1. Minimum objectives regarding post-return programmes, notably the reintegration of returnees, should be defined at the outset of an operation and UNHCR should be prepared to continue support for these objectives until they are reached.
2. Where minimum objectives cannot be reached through UNHCR programmes alone, linkage areas should be identified.
3. Linkage partners should be first sought in the communities and national structures and their capacity-building incorporated in reintegration plans.
4. The mandates and programmes of potential partners should be carefully analysed for compatibility with reintegration objectives and activities.
5. UNHCR should aim at facilitating transitional arrangements between NGO implementing partners and funding organisations, including bilateral aid agencies.
6. Any comprehensive reintegration strategy, including protection activities, should be developed, to the extent possible, with the direct participation of potential linkage partners.
7. The experience and structures acquired by UNHCR during repatriation should be made readily available to prospective partners.
8. UNHCR should not expect to be able to "hand-over" responsibility for the economic and social reintegration of returnees to any single agency.
9. Phase out strategies should be designed on the basis of secured linkages ensuring sustainability and continuity.
10. Phase out strategies should include contingency plans.
11. QIPs implementation should be planned and managed in a way which allows for greater community participation.
12. QIPs programmes should be designed in a way which fits productively into comprehensive reintegration planning.
13. The value of inter-agency comprehensive targeting and planning, such as District Development Mapping, should be evaluated against progress in the field within a year or two.
14. In large operations, staff specialised in reintegration should be posted in field offices as early as possible during the repatriation or "movement" phase.
15. Specialised staff, whether experienced field officers, protection officers or programme officers, should not be phased out on the basis of expected developments while sensitive or complex issues within their areas of expertise remain unresolved.
PART I: IN SEARCH OF A FRAMEWORK
I. UNHCR alone cannot meet all reintegration needs
(23) Opinions vary among the international community on whether direct support for reintegration should be within UNHCR's Mandate. In Mozambique donors took different views on this question. The major European donors supported UNHCR's reintegration activities while other major donors took a more critical view. Some donors, however, did not appear to have a consistent position on this issue. In Mozambique, USAID questioned the extent of UNHCR involvement, while the State Department praised the operation. In El Salvador, USAID officials expressed strong approval of UNHCR's continued support for reintegration, even four years after the repatriation effectively ended.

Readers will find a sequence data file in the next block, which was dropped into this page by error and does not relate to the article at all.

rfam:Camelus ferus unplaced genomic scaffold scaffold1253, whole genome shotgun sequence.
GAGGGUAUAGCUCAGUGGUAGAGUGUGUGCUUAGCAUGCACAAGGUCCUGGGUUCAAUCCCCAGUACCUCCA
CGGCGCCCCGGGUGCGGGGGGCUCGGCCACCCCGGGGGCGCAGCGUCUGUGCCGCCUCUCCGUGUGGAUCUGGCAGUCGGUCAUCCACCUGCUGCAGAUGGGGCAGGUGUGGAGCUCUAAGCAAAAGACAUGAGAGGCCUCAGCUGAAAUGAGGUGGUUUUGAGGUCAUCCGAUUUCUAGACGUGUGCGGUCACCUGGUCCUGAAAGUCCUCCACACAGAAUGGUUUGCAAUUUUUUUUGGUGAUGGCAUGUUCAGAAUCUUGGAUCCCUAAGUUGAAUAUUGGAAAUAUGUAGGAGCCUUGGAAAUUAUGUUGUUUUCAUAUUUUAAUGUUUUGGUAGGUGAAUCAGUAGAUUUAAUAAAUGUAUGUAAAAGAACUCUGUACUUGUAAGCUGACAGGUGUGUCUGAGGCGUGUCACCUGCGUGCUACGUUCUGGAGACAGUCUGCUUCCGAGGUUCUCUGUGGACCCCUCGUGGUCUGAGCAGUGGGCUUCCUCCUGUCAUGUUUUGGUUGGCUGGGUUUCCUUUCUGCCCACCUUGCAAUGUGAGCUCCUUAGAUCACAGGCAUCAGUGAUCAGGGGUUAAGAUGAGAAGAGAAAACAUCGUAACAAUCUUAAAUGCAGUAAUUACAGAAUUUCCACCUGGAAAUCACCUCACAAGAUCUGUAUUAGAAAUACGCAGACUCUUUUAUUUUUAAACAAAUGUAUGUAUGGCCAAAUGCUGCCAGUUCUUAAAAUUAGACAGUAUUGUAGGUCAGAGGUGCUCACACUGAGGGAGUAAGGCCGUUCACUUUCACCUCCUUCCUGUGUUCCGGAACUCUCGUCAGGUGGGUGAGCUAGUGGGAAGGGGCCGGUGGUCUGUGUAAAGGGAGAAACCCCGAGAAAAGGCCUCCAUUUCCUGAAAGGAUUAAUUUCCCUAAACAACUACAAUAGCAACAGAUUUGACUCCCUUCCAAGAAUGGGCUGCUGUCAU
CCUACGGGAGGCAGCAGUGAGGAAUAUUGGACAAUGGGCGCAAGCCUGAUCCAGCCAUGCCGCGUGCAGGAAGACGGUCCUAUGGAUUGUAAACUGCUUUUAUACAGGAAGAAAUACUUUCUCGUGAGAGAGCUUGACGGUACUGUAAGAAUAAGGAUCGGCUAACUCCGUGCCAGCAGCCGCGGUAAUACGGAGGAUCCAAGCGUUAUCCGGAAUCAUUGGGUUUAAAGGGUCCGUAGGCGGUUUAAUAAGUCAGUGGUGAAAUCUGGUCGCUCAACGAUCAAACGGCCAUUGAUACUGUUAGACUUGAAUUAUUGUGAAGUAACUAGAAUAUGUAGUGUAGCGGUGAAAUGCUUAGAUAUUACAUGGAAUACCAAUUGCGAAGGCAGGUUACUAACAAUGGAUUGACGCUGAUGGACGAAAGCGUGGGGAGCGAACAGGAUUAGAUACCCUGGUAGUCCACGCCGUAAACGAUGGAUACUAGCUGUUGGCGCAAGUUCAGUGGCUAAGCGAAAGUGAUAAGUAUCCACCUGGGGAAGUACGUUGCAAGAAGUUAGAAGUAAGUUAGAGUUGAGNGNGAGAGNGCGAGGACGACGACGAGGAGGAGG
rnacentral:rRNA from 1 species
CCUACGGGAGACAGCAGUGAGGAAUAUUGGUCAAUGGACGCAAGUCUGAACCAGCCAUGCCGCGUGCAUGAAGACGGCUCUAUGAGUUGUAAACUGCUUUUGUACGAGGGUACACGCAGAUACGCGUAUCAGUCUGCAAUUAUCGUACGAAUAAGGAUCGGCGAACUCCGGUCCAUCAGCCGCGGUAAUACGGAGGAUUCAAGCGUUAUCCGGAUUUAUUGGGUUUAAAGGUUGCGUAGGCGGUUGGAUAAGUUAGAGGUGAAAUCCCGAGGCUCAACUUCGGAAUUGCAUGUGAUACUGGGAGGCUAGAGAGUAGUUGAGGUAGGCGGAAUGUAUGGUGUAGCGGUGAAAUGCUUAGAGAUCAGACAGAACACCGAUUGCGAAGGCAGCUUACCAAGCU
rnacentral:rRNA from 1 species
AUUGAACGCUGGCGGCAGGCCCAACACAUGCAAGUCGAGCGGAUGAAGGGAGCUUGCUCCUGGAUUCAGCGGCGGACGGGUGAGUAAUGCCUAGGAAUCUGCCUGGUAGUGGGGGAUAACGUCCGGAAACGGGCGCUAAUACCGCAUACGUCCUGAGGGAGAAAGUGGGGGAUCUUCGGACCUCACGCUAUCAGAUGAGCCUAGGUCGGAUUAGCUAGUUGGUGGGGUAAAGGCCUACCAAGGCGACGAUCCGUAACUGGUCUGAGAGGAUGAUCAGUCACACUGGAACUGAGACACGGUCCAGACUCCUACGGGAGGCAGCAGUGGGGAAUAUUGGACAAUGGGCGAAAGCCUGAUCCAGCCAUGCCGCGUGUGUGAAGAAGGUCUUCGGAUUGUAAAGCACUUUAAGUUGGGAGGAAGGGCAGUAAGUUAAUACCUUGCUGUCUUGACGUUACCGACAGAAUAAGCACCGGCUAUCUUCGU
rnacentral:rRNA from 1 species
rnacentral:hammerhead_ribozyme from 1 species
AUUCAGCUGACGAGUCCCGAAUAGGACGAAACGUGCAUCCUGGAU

(24) After large scale repatriations, UNHCR is often the only agency, with the possible exception of peace-keeping forces, with substantial logistical capacity and field presence. Involvement with repatriation gives it an intimate understanding of the situation in the countryside. Furthermore, in situations where central authorities have little control on parts of the national territory, UNHCR often has a working relationship with a wide range of relevant actors. This gives UNHCR significant advantages over other agencies in terms of its capacity to contribute to reintegration and reconstruction. Experience shows that early hand-over of this capacity to other agencies is not possible. As a result, UNHCR is pressed to engage in reintegration activities, and thus, into stretching its Mandate.
(25) UNHCR's comparative advantage is offset, however, by limited expert resources in disciplines typically required by reintegration and reconstruction programmes. These include rural development, water and sanitation and public health. The Organisation's culture, labelled by some staff as the "emergency mind set" makes it ill-adapted to longer-term reintegration programmes. In addition, reintegration planning is generally not envisaged until repatriation approaches its end.
(26) In large scale repatriation operations, field officers are overwhelmed with the actual movements. Moreover, UNHCR does not have capacity in the field to consider the implications for reintegration of the decisions being made daily under the pressure of events. The belated assignment of one Reintegration Officer to the Branch Office, in a country like Mozambique where there were over 20 field offices and more than a million returnees, was insufficient. In an operation of this magnitude, there should have been staff free of operational responsibility, whose task would have been preparing for reintegration and overseeing the rehabilitation activities already started. Thus, the longer-term implications of decisions on matters such as the locations of resettlement sites could be taken into account.